A voltage derivative means 74 removes any DC offset introduced by the fiber optic link 36 and produces a voltage proportional to the change in voltage per unit time of the electrocardiogram signal. A rectifying means 76 rectifies the signal to produce a signal of the proper polarity for a threshold detector 78 to detect R-wave peaks of the cardiac cycle. The threshold detector 78 establishes a threshold level at two thirds of the previous R-wave peak derivative. Once the threshold has been exceeded a zero cross means 80 searches for the next occurence of zero crossing of the derivative signal. Comparing the derivative of the received cardiac signal with two thirds of the previous R-wave peak derivative locates the R-wave peak of the current cardiac signal. In this manner, variations in the derivative of the cardiac signals are automatically corrected.
A one shot multi-vibrator 82 generates a square wave trigger pulse of approximately 150 milliseconds in response to each R-wave peak. An audible indicator 84 provides an audible indication of each heart beat from the R-wave trigger pulse. The leading edge of each 150 millisecond trigger pulse is conveyed to the quadrature coil control means 18 to initiate the next scan.
In one mode of operation, the gradient field controller 14 produces a blanking signal as the gradient magnetic field is being applied. A blanking means blocks the initiation of the magnetic resonance imaging scan during application of the magnetic field gradient. In particular, a logic decoder 90 receives the signal indicative of a magnetic field gradient and blanks or otherwise prevents the threshold detector 78 from adjusting the threshold level and the zero-cross detector 80 form initiating a scan.
A disable means 92 selectively disables the logic decoder 90 or otherwise disables the blanking of the received signal during application of gradient magnetic fields. This enables the cardiac signal to be monitored even during the application of gradients. The monitoring of the cardiac signal even during the application of magnetic field gradients is of particular importance in cardiac imaging in which it is important or desirable to coordinate the phase of the cardiac cycle with the excitation or monitoring of resonance or the reconstruction of image representations.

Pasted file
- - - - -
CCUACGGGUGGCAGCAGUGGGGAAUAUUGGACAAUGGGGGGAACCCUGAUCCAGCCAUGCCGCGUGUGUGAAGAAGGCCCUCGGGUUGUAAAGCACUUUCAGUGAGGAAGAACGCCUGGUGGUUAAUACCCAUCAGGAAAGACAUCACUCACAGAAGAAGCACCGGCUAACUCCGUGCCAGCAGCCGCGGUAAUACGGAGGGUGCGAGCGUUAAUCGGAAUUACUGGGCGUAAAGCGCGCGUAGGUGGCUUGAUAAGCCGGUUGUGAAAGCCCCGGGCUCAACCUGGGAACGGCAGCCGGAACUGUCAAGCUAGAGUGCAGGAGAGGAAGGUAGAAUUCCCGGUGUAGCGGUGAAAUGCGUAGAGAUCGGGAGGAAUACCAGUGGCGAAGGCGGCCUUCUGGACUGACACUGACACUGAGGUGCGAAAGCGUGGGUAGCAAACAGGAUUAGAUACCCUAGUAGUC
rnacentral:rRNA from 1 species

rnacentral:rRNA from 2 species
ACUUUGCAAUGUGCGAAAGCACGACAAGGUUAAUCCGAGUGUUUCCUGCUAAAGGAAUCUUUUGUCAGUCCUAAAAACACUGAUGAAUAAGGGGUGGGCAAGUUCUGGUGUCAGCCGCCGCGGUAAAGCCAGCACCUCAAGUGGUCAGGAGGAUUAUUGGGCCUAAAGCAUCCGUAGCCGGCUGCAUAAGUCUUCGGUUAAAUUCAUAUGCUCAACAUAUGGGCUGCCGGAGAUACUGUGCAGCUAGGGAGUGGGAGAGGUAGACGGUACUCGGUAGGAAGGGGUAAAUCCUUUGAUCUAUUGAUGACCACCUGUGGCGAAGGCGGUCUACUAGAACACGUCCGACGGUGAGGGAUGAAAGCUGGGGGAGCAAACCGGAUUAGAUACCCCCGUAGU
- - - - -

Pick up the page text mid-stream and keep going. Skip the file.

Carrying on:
The signal separating means further includes a respiratory or second anatomical condition separating means 100, such as a 700 hertz high pass filter, for separating the respiratory signal component from the cardiac and other components. A demodulator 102 demodulates the encoded carrier signal to produce a voltage which varies with the respiratory cycle. A DC correction means 104 establishes a zero level for subsequent peak detection.
A positive peak detector 106 and a negative peak detector 108 search for the respective extremes of the respiratory signal cycle. A first respiratory extreme, particularly the negative peak magnitude, is stored in a first or negative sample and hold circuit 110. A multiplier means 112 reduces the stored peak amplitude a preselected percentage, e.g. 70%. A second sample and hold circuit 114 stores the preselected percentage of the previous negative peak magnitude when enabled by the positive peak detector 106. This establishes a threshold for detecting the next rest period of the respiratory cycle.
A comparing means 116 compares the present respiratory signal amplitude with the threshold or window established in the second sample and hold 114. When the signal is less than the threshold, an enable or high signal is produced which allows scan data to be accepted and processed by the imager 24. When the received respiratory signal is greater than the threshold level, a blocking or data discard signal is generated which blocks the imager from accepting imaged data. This enable/blocking or window signal provides a window within which the received data may be processed.
Preferably, the window is slidably adjustable in order to optimize scan times. That is, limited amounts of data at the beginning of chest expansion and at the end of chest contraction may be processed with minimal degradation to the resultant image. At the beginning and ending of respiratory motion, the patient's chest is substantially at the quiescent stage. Rather than discarding any data in which the window signal is low during any portion of the scan data acquisition, the data may be retained if the signal remains low or turns low for only a small portion of the data receiving period. In some applications, it may be desirable to accelerate image data collection at the price of incorporating data scans collected during the limited respiratory movement. To this end, the window is selectively adjustable to permit either only data collected during the quiescent portions of the respiratory cycle or data collected in both quiescent and less quiescent portions of the respiratory cycle to be incorporated into the image.